Book review: Hi Five by Joe Ide

Thursday, November 21, 2019 Permalink

I adored the first book in this series featuring Isaiah Quintabe (IQ) by Joe Ide, named after its lead character.  I was a little disappointed by the second, Righteous but enjoyed the third, Wrecked, Which brings us to Ide’s latest release and the fourth instalment, Hi Five.

Interestingly I think what I struggled with in the second novel was the increased involvement of IQ’s childhood friend (and kinda loveable rogue) Juanell Dodson. Dodson plays a larger role in this book again but I’m finding myself becoming accustomed to the fact he jousts well with IQ, even if it means the latter no longer seems to be quite the scary-smart and savvy character I initially fell in love with.

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Book review: The Chain by Adrian McKinty

Sunday, July 7, 2019 Permalink

There is currently a LOT of hype around The Chain by Adrian McKinty. I keep seeing articles on social media about the film rights of a book written by an Uber driver sold for a seven figure sum.

There’s actually an interesting note in the back of this book from McKinty about life as a writer. He’s got his successful Sean Duffy series under his belt but it’s a reminder that many seemingly-successful creatives (authors and the like) don’t actually earn much from their craft. Most have other jobs and alternative sources of income. Which makes me feel a bit grumpy about some idiotic athletes who earn gazillions.

But enough of my ranting. Let’s get down to it cos this standalone by McKinty is (#spoileralert) certainly worth all of the praise it’s getting. I wasn’t sure I was going to be enamoured but I was gobsmacked at how ‘real’ it all felt from the opening lines.

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Book review: Wrecked by Joe Ide

Monday, November 5, 2018 Permalink

I adored the character of Isaiah Quintabe introduced by Joe Ide in 2016. The first book, IQ (named after Isaiah’s moniker) gave us a scary-smart street-wise crime solver / PI. (And I should mention I wasn’t alone in my love for IQ… and Ide’s subsequent books include quotes by the likes of Michael Connelly, Gregg Hurwitz etc commenting on the arrival of a great new fictional character.)

Indeed, in my review of IQ I comment on the fact Isaiah reminded me of the sassy smart-mouthed gumshoes (PIs) I once so loved.

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Book review: Take Me In by Sabine Durrant

Friday, June 29, 2018 Permalink

I’m a huge fan of Sabine Durrant, who I discovered in 2014 via Under Your Skin (which in my opinion rendered the much-lauded Gone Girl, rather anticlimactic).

I think she’s highly underrated and produces consistently complex (but not complicated or confusing) reading fodder and is most definitely one of my go-to authors.

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Book review: Righteous by Joe Ide

Tuesday, November 7, 2017 Permalink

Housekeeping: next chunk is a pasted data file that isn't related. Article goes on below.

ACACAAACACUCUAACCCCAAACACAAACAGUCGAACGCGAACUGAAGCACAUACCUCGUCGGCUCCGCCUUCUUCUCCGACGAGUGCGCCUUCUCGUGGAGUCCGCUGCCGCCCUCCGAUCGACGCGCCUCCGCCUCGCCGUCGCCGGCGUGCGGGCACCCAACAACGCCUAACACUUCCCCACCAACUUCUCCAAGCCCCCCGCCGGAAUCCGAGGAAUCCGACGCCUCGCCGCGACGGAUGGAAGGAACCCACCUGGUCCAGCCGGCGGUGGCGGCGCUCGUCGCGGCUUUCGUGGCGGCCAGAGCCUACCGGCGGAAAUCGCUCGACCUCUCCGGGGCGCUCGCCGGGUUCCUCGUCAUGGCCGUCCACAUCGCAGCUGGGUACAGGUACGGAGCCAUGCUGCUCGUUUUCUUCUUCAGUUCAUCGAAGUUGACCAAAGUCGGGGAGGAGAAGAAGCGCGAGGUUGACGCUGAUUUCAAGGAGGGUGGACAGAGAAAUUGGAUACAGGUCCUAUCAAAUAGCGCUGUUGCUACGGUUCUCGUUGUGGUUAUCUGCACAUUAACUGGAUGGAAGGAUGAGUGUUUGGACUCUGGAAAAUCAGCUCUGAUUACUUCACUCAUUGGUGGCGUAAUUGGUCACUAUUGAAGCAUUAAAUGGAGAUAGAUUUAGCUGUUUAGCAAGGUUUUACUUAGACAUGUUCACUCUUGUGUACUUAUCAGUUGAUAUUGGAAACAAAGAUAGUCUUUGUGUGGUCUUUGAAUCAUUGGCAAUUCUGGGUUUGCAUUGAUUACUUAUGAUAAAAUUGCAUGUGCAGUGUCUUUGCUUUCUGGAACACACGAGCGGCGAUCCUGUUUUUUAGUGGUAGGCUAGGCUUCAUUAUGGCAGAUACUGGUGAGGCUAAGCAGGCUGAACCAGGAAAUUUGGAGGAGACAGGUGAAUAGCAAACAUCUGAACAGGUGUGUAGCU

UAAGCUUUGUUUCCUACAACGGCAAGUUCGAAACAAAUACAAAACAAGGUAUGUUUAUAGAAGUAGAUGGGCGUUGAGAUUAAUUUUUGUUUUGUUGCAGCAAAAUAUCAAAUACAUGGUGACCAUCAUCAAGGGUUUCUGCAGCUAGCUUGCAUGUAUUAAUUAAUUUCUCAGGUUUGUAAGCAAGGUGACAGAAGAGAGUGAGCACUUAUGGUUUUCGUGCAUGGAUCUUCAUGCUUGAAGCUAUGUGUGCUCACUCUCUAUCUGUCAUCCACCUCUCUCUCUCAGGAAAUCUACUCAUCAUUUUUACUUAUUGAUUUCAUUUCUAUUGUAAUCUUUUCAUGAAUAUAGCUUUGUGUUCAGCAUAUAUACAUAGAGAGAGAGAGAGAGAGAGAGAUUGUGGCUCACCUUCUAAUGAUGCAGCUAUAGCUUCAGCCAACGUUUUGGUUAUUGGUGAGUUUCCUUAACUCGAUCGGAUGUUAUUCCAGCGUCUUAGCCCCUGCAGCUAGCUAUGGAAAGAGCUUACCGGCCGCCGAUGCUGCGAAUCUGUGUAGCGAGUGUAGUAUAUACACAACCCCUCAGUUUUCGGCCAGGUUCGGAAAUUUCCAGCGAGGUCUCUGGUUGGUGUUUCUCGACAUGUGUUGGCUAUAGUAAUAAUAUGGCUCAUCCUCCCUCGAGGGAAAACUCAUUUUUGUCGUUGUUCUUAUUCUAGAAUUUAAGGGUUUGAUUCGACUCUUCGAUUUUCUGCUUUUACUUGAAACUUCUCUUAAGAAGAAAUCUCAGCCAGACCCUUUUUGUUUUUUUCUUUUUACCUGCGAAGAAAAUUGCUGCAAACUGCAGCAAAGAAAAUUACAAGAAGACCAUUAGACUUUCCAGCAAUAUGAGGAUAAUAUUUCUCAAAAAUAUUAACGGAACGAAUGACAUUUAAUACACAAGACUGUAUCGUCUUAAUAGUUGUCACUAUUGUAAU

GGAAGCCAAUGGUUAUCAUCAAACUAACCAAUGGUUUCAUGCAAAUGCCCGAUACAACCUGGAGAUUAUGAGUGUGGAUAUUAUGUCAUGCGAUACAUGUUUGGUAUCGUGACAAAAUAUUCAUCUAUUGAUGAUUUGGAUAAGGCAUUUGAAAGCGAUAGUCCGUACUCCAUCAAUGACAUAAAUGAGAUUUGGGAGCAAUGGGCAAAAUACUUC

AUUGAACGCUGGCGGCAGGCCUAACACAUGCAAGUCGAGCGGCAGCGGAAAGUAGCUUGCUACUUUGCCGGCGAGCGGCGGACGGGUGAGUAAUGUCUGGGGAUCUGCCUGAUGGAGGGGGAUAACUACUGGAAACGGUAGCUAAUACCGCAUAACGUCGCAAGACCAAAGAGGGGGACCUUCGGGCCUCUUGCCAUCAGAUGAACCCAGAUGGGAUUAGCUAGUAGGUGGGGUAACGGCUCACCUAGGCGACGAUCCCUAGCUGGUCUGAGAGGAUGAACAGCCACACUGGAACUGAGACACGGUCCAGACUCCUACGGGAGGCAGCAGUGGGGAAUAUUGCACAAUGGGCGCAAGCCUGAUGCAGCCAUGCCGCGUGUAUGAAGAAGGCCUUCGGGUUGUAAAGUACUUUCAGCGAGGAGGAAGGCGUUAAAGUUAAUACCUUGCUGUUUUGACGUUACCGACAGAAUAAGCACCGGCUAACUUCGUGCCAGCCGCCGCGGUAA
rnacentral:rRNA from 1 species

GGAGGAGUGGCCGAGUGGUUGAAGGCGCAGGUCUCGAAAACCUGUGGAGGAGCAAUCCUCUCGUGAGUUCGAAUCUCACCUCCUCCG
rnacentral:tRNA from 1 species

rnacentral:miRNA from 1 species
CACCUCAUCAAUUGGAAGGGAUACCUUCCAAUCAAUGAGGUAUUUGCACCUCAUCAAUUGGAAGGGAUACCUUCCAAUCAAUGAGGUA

IQ by Joe Ide was a big (and very pleasant) surprise for me last year. Named after its protagonist – the very smart and sassy Isaiah Quintabe – I was hooked.

I hadn’t realised the second in the series had been released until I got an email from the publisher but I downloaded it immediately keen to be reunited with the genius PI-of-sorts, determined to get justice for his brother killed years earlier while helping the helpless in his LA neighbourhood.

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Book review: IQ by Joe Ide

Wednesday, October 19, 2016 Permalink

As I first started to read this book by Joe Ide it occurred to me that I don’t seem to read a lot of books with African American lead characters – particularly in my beloved crime fiction / thriller / suspense genre. And then I remembered James Patterson’s Alex Cross and Jeffery Deaver’s Lincoln Rhyme. So… there are some. But not many. In my world anyway… where I mostly stick to the bigger publishers and mainstream fiction.

Isaiah Quintabe is something different though, and I was reminded of the work of Raymond Chandler and my love for Robert B Parker’s Spenser series. Needless to say I adored the sassy and smart Isaiah – better known to those who need him as IQ.

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Book review: Lie With Me by Sabine Durrant

Monday, July 25, 2016 Permalink

Sabine Durrant’s Under Your Skin is one of the twistiest* books I’ve read. I later read Gone Girl (a few years after it was published) and compared to Under Your Skin, the famous thriller felt almost predictable.

I didn’t enjoy Durrant’s second psychological thriller, Remember Me This Way quite as much, but it still offered up a twist or ten. So I literally leapt at the chance to read the former editor and feature writer’s latest novel, Lie With Me.

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Book reviews: The Suspect & Lost

Sunday, June 1, 2014 Permalink

I have to admit I’m not entirely sure I like Michael Robotham’s Joe O’Loughlin. I don’t hate him, but… my reaction to him reminds me a little of my feelings for Nicci French’s Frieda KIein.

I don’t expect infallibility in my protagonists but, well… sometimes my #mehness makes it a bit harder to care about their fate. That’s not to say I want anything bad to happen to the psychologist, though thankfully I know Joe is gonna hang around for a while as I’ve already read the fourth, sixth and seventh in Robotham’s series (and possibly the 3rd!!!).

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